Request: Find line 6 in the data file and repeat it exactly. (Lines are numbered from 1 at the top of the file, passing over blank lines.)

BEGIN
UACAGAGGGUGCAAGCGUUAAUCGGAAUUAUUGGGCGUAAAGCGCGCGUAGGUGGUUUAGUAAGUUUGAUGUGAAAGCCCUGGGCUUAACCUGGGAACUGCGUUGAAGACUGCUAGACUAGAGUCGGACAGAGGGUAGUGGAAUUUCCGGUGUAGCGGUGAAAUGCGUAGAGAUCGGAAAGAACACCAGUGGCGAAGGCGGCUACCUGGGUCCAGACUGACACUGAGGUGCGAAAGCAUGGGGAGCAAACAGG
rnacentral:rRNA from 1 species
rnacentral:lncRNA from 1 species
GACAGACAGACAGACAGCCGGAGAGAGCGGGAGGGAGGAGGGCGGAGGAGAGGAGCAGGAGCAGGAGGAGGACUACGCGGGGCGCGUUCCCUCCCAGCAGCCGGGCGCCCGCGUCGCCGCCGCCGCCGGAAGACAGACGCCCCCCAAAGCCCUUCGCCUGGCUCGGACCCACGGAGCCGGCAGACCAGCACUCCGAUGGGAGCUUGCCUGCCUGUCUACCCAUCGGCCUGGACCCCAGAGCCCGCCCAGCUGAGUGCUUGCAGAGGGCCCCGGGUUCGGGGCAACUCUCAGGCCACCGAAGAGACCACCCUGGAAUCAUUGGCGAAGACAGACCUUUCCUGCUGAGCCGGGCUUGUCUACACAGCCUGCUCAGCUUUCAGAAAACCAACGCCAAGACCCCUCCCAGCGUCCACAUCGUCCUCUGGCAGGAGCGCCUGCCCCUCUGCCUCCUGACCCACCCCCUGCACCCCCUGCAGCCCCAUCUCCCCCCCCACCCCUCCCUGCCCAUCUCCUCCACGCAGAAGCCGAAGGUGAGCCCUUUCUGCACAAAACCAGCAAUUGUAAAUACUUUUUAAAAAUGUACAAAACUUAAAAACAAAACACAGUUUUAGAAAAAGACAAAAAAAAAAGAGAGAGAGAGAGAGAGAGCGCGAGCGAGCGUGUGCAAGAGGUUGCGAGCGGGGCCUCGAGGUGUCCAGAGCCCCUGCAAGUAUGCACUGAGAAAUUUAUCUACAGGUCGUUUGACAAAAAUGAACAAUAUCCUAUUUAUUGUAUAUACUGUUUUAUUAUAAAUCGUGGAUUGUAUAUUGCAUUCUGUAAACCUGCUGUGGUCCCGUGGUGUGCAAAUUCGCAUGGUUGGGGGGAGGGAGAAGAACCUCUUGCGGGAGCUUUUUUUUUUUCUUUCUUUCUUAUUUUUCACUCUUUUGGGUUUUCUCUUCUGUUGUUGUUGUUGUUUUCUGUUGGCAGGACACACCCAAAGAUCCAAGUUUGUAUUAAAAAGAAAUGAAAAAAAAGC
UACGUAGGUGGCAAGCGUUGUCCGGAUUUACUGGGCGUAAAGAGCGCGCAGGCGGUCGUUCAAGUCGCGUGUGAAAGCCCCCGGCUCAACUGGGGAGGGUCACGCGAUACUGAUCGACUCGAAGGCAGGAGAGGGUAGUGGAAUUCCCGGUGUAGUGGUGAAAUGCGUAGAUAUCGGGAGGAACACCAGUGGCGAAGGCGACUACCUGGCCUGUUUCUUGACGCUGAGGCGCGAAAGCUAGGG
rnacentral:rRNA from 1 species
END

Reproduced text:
rnacentral:rRNA from 1 species